1. How many times have you said, "I'll have to ask about that and get back to you"?  How much time has been wasted and progress halted by this phrase or variations of it?  When this happens to you again – and you know it will – hang-up, start a conference call, and outdial the person you were just talking to and the person you need to talk to.  Now all available information is at hand in the call.  Questions and follow-up questions can be asked, decisions can be made, and time isn't wasted.

2. Do you ever get a writing cramp trying to keep up taking notes on a lively discussion?  Ever miss important points on a long list?  Have you regretted not writing down a great speech?  A lot happens during a conference call and this is why most have an "auto-record" feature.

If you don't already, make sure you're conferences get recorded automatically.  It doesn't cost extra and the recordings can be easily downloaded.  The next step is to get into the habit of using those recordings.  Review a meeting to make sure everything got covered.  Listen to make sure your list matches the actual one.  If there was a great soliloquy, you've have it on tape.

3. The mute button is your friend.  It is imperative that everyone in a conference call know how to mute and unmuted themselves.  Muting cuts background noise to the minimum.  It helps avoid embarrassing situations such as kids running into a room, or a loud, suspicious leather chair squeak.  Using a group mute such as lecture mode allows a speaker to talk freely without interruption and lets you choose when to take questions.

There is a flip-side to muting to be acquainted with: mute delay.  If you and your participants are on the ball and mute whenever not speaking, then if a question is asked, there will be a delay.  Unlike a telephone where someone can instantly respond, a muted person needs a few seconds to be able to speak.  Give them that time by how you phrase your questions:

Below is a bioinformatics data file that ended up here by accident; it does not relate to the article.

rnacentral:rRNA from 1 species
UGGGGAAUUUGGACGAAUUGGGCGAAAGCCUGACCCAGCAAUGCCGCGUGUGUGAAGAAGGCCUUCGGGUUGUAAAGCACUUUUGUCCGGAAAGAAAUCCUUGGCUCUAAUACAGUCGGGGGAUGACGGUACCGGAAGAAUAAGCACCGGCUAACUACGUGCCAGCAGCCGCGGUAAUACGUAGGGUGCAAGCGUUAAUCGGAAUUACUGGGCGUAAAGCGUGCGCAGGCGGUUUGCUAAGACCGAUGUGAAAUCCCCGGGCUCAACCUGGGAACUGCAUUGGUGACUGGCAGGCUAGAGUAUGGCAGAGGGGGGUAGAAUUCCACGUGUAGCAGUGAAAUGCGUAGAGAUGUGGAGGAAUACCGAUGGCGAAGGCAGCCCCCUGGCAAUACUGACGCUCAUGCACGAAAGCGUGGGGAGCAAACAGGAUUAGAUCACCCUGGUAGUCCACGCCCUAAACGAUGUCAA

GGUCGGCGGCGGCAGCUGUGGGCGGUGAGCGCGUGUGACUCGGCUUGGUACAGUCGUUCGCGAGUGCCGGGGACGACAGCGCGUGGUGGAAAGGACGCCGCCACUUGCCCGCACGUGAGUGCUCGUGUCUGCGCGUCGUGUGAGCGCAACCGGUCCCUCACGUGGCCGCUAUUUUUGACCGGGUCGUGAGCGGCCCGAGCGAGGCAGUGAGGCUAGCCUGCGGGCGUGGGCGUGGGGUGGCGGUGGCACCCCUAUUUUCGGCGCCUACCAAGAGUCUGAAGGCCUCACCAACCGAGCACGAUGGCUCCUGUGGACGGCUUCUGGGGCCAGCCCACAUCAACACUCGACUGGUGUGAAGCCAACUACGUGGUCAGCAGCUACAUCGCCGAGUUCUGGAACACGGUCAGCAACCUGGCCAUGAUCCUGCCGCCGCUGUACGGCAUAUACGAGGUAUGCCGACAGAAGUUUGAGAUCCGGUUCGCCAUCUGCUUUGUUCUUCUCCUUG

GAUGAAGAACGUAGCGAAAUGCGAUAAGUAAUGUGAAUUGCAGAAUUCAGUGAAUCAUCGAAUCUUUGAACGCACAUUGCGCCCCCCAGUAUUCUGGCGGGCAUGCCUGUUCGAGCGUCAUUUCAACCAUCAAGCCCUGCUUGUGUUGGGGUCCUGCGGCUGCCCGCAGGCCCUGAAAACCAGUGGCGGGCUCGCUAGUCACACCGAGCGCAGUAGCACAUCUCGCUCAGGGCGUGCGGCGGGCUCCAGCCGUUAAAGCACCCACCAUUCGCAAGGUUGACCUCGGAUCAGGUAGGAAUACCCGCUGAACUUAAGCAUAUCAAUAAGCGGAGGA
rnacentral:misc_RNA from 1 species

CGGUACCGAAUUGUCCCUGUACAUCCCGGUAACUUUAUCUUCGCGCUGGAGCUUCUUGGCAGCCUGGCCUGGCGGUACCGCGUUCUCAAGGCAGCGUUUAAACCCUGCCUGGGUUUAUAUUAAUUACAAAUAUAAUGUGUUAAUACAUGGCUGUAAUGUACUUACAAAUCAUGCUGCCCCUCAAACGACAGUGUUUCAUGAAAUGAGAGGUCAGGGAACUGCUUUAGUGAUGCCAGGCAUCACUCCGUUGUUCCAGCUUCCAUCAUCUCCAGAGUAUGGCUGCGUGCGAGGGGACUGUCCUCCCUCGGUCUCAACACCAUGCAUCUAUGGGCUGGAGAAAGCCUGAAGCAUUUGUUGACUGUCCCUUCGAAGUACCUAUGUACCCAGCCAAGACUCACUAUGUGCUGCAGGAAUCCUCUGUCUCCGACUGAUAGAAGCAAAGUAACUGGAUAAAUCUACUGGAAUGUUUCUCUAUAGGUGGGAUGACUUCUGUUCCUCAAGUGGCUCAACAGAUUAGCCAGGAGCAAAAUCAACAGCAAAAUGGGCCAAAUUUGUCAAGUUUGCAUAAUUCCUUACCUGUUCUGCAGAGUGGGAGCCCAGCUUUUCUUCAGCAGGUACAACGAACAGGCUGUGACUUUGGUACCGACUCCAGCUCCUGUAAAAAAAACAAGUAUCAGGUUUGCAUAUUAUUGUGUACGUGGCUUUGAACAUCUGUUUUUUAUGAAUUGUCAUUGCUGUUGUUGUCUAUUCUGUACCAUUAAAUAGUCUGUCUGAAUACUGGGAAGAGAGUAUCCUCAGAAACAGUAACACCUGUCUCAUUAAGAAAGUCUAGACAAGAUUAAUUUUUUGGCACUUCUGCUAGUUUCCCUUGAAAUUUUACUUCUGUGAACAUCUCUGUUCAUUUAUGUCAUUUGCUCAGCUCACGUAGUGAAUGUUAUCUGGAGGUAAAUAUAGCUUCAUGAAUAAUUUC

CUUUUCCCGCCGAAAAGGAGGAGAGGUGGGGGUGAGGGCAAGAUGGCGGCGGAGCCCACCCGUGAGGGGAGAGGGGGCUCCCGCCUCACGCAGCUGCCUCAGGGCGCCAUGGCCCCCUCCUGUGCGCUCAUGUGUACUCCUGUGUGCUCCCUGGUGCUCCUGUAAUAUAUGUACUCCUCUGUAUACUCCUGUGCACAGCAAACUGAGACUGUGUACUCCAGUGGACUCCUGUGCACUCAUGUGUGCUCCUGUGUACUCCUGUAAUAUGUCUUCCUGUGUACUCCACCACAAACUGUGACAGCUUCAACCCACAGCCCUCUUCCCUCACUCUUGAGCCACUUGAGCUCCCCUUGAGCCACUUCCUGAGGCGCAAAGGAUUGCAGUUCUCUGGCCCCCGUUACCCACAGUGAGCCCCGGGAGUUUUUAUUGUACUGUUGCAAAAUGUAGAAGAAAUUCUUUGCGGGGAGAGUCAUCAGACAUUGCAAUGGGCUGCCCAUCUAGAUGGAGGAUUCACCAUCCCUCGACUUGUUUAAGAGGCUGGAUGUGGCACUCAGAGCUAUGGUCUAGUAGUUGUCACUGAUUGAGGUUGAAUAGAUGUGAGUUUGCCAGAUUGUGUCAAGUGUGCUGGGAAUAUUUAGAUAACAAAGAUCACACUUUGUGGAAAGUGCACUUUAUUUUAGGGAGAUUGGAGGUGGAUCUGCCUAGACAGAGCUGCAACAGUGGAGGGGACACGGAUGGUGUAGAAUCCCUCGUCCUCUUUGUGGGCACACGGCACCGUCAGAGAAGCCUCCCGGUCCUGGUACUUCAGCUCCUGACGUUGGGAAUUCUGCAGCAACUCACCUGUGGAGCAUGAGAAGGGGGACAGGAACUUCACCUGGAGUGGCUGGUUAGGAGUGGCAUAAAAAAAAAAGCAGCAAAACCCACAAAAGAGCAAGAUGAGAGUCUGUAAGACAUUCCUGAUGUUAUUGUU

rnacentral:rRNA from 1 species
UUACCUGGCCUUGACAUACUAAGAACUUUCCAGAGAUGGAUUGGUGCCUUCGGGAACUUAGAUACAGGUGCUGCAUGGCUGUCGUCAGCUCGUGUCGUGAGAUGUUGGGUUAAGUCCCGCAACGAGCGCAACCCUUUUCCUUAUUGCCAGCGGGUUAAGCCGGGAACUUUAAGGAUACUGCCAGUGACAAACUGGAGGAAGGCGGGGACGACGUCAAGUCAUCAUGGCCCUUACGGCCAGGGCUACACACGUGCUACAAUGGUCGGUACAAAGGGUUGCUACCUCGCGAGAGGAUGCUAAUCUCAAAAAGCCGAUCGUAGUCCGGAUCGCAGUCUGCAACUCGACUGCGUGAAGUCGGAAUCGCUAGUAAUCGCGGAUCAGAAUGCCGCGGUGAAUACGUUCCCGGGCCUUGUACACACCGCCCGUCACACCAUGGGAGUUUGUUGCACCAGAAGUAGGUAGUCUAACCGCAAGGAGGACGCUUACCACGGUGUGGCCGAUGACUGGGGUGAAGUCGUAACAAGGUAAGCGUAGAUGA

Incorrect:  "What were last week's numbers, Mike?"

Correct:  "Mike, I've got a question for you: what were last week's numbers?"

Saying Mike's name get's his attention.  Announcing you have a question for him gives him time to unmuted.  When it's time to answer, Mike will be ready with an answer.

These three habits may seem little, and they are to a point.  But despite their size, you'll find yourself having more effective and efficient conference calls if you use them often.

Posted by George Page, Communication Specialist

Jan
23
2009
Therapy Session Maranda Gibson

Therapy Session

Jan
23
2009
Editing Business Communications Quickly and Effectively Maranda Gibson

Managers or CEOs write a lot for their jobs. Many experience frustration from having to write so much and find the process exhausting and stressful. Most identify the stress as the act of writing itself, but research shows that the act of planning out the writing, organizing the writing, and editing the writing are actually the stressful pieces of the process. We'll tackle the final piece: editing.